What is organ donation?
Organ donation is giving an organ to someone else who needs a transplant. This donation will greatly enhance or save the life of the person who receives the transplanted organ. Organ donation is an amazingly generous act and saves thousands of lives in the UK every year.
How can I register to become an organ donor?
From 20th May 2020 all adults in England will be considered to have agreed to be an organ donor when they die, unless they have recorded a decision not to donate or are in one of the excluded groups.
You can register as a donor on the NHS Organ Donor Register. Remember to tell your family and friends about your organ donation decision, as their support is needed for donation to go ahead.
Can I donate anything whilst I am alive?
Most donated organs and tissues are from people who have died. However, it is also possible to donate a kidney or part of your liver as a living organ donor. Find out about becoming a living organ donor.
What can you donate?
Everyone has a choice as to whether or not they want to become an organ donor after they die, and if you choose to donate, you can choose to donate either some or all of your organs. One organ donor can save up to 9 lives.
By registering to become an organ donor you have the option to donate organs such as your heart, lungs, liver, kidneys, pancreas and small bowel. All of these forms of donation can greatly enhance or even save the life of someone in need.
Other transplants include:
What happens when I’m on the organ donation register?
When you register your organ donation decision: We will add your details and decision to the NHS Organ Donor Register. We will send you a letter confirming this within 10 days. You should then talk to your family, and make sure they know what you want.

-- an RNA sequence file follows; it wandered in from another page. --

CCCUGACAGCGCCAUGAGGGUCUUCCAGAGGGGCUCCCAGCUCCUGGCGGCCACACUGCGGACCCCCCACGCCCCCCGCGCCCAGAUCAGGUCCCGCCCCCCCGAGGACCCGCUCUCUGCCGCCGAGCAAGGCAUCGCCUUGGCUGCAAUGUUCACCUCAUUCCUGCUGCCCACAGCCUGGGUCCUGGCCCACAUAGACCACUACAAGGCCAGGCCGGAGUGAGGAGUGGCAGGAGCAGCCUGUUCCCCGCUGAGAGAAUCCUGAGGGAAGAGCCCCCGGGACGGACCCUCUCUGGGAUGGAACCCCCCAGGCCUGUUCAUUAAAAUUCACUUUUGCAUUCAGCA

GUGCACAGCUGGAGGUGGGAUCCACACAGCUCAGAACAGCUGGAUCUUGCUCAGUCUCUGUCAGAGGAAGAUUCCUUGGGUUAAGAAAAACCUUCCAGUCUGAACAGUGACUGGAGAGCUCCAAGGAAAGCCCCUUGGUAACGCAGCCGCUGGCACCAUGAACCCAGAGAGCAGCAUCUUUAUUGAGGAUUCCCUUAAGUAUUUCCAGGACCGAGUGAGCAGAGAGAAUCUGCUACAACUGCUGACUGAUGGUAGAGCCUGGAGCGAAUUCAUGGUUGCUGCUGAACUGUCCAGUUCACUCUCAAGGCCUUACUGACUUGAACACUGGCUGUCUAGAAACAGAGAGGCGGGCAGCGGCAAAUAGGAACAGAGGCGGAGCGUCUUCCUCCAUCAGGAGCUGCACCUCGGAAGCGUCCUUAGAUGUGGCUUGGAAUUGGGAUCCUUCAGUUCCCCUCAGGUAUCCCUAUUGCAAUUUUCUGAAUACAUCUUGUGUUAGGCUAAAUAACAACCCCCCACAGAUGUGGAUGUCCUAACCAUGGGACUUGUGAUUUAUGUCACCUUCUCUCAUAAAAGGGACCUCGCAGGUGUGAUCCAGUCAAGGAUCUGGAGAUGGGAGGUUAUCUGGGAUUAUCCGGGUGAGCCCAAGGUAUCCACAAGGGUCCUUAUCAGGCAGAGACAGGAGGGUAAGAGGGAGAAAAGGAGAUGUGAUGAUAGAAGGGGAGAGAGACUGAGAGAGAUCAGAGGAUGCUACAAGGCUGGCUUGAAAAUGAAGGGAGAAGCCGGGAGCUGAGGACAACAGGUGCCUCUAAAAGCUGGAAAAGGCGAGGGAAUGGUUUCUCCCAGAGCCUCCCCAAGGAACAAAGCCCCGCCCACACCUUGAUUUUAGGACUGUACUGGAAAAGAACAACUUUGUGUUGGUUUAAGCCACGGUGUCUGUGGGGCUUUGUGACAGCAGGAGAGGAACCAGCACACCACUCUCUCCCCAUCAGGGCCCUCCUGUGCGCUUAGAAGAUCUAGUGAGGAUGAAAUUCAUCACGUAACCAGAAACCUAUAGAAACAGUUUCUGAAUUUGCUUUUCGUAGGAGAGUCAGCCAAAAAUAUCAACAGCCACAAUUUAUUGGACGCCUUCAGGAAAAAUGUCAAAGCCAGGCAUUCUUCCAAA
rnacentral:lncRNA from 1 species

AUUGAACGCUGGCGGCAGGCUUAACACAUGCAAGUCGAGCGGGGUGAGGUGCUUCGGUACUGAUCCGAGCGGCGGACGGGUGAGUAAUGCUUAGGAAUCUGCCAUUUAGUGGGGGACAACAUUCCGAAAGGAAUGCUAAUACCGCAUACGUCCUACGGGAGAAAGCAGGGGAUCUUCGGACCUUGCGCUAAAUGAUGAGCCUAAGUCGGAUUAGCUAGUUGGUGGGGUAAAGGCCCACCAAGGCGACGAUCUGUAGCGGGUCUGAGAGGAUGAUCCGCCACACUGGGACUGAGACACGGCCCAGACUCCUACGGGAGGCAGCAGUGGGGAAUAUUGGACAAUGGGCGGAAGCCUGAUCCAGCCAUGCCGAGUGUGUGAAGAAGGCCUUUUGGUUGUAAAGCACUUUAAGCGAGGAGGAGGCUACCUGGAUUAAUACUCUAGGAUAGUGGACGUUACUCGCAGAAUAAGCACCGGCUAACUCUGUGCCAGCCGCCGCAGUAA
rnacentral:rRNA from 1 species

How do I check if I have on the organ donor register?
To see if you have already registered with NHS Organ Donor Register or to check that your information and preferences in the register are up to date please contact 0300 123 23 23. For alternative contact methods, please fill in our contact form.
How will the funeral arrangement be affected?
Your funeral plans will not be affected by organ donation
Specialist nurses always speak to your family to see if there are considerations around your faith, beliefs or culture with respect to funeral plans.
The surgery carried out to remove a donor’s organs is carried out by highly skilled professionals who take the same care and attention and offer the same respect as they would in any operation to save a patient’s life. The surgical incisions are carefully dressed after the surgery and any end of life care wishes in relation to the washing and dressing of the body are respected.
Your body will always be returned to your family after donation
The donation operation is performed as soon as possible after death. After donation, the body is always returned to the family of the deceased in the same way as any death in a hospital where donation has not taken place. Families are given the opportunity to spend time with their loved ones after the operation if they wish.
An open-casket funeral is still possible
Organ and tissue donation doesn’t prevent you from having an open-casket funeral. The body is clothed for burial, so there are no visible signs of organ or tissue donation. The operation site is covered with a white surgical dressing like any other abdominal surgery dressing.
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